Blog List

Ian Hoyer

The GNFAC is looking for an intern for the 2024-'25 winter season. Application deadline is April 5, 2024.

Dave Zinn

By Dave Zinn, Forecaster, Gallatin National Forecast Avalanche Center

Ian Hoyer

The GNFAC is looking for an intern for the 2023-'24 winter season. Application deadline is April 30, 2023.

Alex Marienthal

Anyone who travels in the mountains when there is snow on the ground needs to know how to avoid being caught in an avalanche. This includes hunters who chase game like deer, elk, sheep and mountain goats. Read the full .pdf to learn more about avalanche avoidance.

Ian Hoyer

The GNFAC is looking for an intern for the 2022-'23 winter season. Application deadline is April 22, 2022.

Alex Marienthal

Every year throughout the Rocky Mountains we warn that early season snow is not good for stability. Some years are worse than others. In my experience, this year is one of the worst.

Doug Chabot

Happy New Year.

I want to take this time to highlight a new things happening at the GNFAC, both with personnel and on our website.

New Forecaster

Doug Chabot

After the two snowmobiler avalanche fatalities on Reas Peak in the Centennial Range in January 2018 we created a webpage so riders could get good, relevant information regarding snowpack and avalanches.

Alex Marienthal

Published in the Winter 2018 issue of Outside Bozeman

Doug Chabot

On September 16th winter arrived with a foot of snow in the mountains. On the 17th a skier triggered the first avalanche of the season. On the 19th, after continued snowfall, Alex issued the first avalanche information bulletin, the earliest in 28 years of operation.

Doug Chabot

A large, 8-10’ deep avalanche on Woody Ridge outside of Cooke City yesterday (1/30) surprised me and is making me reexamine what I know – and what I don’t know – about the snowpack in the Cooke City area. I'm giving this zone a lot of thought because, depending on what the next storms do, we may be at the start of a significant avalanche cycle.

Doug Chabot

Introducing the GNFAC’s New Website!

New look. New feel.

Greetings from the GNFAC.

We just launched our new website today and hope you find it easier to navigate and use. There are two major changes:

1. The site is mobile friendly.

Doug Chabot

We are wrapping up our 27th year of operation after issuing 138 avalanche advisories. Less snow in the northern mountains (87% of average) contrasted with the southern ranges where up to 117% of average snowpack was measured.

Eric Knoff

The Pit Stop - Dig and Communicate

Snow ties the backcountry community together, sometimes it ties us to avalanches. Taking the time to dig a snowpit and assess snow stability provides valuable information and generates conversation between group members. Good communication leads to better decision making in avalanche terrain.


Eric Knoff

When venturing into the backcountry, answering these two questions is essential when assessing a slope to ride:

Is the terrain capable of producing an avalanche?


Can the snow slide?

Avalanches happen when four ingredients are present:  a slab, a weak layer, a trigger and a slope steep enough to slide. A key problem when assessing slope angle is that most slopes have varying degrees of steepness.  It is critical for riders to assess slope angle frequently.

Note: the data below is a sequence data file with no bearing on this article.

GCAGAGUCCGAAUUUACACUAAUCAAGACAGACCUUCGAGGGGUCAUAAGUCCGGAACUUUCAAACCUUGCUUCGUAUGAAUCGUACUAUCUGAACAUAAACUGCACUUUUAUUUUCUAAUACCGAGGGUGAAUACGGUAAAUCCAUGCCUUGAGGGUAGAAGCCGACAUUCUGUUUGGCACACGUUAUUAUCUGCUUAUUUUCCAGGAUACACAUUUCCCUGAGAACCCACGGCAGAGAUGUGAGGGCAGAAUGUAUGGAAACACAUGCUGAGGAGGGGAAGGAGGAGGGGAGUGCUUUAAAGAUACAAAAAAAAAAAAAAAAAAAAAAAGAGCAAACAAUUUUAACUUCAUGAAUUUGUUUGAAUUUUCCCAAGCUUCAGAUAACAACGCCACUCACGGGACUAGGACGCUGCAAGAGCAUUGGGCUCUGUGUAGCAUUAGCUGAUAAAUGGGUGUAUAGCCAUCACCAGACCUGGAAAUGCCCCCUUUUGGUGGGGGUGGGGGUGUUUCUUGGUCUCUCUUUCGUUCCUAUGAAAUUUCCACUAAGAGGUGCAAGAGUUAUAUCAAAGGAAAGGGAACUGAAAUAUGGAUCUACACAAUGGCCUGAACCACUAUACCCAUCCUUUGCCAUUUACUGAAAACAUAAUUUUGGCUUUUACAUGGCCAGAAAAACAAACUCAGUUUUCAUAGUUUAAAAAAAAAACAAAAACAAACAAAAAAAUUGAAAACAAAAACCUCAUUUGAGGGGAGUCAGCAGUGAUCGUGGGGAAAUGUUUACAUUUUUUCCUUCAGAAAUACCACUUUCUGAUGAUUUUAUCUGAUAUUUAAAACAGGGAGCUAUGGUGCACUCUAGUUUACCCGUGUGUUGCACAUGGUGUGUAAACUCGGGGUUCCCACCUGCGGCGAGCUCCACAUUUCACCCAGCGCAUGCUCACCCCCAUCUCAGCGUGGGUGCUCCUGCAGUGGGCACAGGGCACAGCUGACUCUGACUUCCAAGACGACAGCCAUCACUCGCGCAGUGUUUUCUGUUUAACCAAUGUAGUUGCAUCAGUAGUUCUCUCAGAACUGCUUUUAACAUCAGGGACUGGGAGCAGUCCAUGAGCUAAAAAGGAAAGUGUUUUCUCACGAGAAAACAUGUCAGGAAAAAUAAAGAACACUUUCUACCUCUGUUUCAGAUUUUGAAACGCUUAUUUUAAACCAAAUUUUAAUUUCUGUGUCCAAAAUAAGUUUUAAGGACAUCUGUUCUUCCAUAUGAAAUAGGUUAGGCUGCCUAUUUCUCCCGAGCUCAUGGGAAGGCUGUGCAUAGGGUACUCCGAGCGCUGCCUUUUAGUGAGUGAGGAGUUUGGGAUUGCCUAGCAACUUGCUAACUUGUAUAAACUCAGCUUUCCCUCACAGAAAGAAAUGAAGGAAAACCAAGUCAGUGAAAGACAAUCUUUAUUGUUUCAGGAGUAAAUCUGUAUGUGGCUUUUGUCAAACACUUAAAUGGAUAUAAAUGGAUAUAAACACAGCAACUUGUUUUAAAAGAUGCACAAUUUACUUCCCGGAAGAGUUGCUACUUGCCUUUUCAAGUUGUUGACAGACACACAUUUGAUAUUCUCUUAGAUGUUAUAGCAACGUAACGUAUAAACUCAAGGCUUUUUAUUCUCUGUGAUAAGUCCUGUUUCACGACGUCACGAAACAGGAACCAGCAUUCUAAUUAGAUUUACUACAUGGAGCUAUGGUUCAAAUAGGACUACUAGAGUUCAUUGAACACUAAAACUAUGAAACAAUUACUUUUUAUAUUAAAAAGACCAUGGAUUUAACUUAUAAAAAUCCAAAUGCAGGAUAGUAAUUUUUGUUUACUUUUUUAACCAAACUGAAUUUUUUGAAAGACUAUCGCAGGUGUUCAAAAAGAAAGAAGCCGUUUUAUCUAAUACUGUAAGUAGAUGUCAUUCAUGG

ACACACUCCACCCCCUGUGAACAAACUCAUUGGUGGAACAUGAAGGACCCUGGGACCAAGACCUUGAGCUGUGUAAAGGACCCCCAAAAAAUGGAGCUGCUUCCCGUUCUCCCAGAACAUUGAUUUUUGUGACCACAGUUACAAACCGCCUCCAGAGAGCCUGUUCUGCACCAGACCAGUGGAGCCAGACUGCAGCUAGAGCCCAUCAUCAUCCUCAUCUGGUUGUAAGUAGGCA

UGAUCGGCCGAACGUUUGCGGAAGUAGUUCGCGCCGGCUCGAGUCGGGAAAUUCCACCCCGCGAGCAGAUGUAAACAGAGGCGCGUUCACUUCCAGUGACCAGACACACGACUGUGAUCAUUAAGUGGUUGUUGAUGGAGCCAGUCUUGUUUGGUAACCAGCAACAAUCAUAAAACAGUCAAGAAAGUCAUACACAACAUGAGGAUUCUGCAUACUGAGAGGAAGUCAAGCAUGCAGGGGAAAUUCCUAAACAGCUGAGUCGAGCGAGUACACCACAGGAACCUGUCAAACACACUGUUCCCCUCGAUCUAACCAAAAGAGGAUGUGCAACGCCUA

Doug Chabot


The Gallatin National Forest Avalanche Center just wrapped up 26 years of operation. We started the season with the threat of a dry El Nino winter which never materialized and finished with a snowpack measuring close to 100% average. March got almost as much snow as January and February combined.

Alex Marienthal

by Alex Marienthal

Spring is here with longer days and a more predictable snowpack to facilitate objectives that are steeper and farther. These objectives are possible while maintaining a personally acceptable level of avalanche risk. However, these objectives can mean more exposure to other hazards like exposed terrain and prolonged rescue, which increases the consequences of relatively small accidents. The snowpack structure is changing from cold, dry layers to warm, wet and icy layers. This transition creates a fresh mix of avalanche problems.

Doug Chabot

Digging a Snowpit Matters

An online article posted October 29, 2015 for on snowpits, avalanche character, and the difficulties and risks of traveling in various types of snow, is a welcome early season jump-start to get us thinking about snow and avalanches. Every snow climate is different and every professional forecaster looks at the snowpack through his and her own forecasting lens, but we are all trying to increase the understanding of avalanches in order have fun and stay alive.

Doug Chabot


Chris Lundy, owner of Sawtooth Mountain Guides, wrote a great article in Backcountry Magazine about digging pits. He opens the story with a personal account of triggering an avalanche. I was with him that day. We triggered the slide up Fisher Creek outside Cooke City on March 10, 2002. 

Doug Chabot

On February 25, 2015 the Panjshir Valley in Afghanistan had an avalanche cycle that killed at least 168 people.  The reports at the time claimed over 200 dead making international headlines. A few weeks ago I visited the valley and wrote this "Official" report. I wrote it for Hameed Habibi who runs the Afghanistan Avalanche Control Team at the Salang Tunnel.

The fatality numbers (168) are the best we could gather based on interviews. If anything, they might be slightly understated.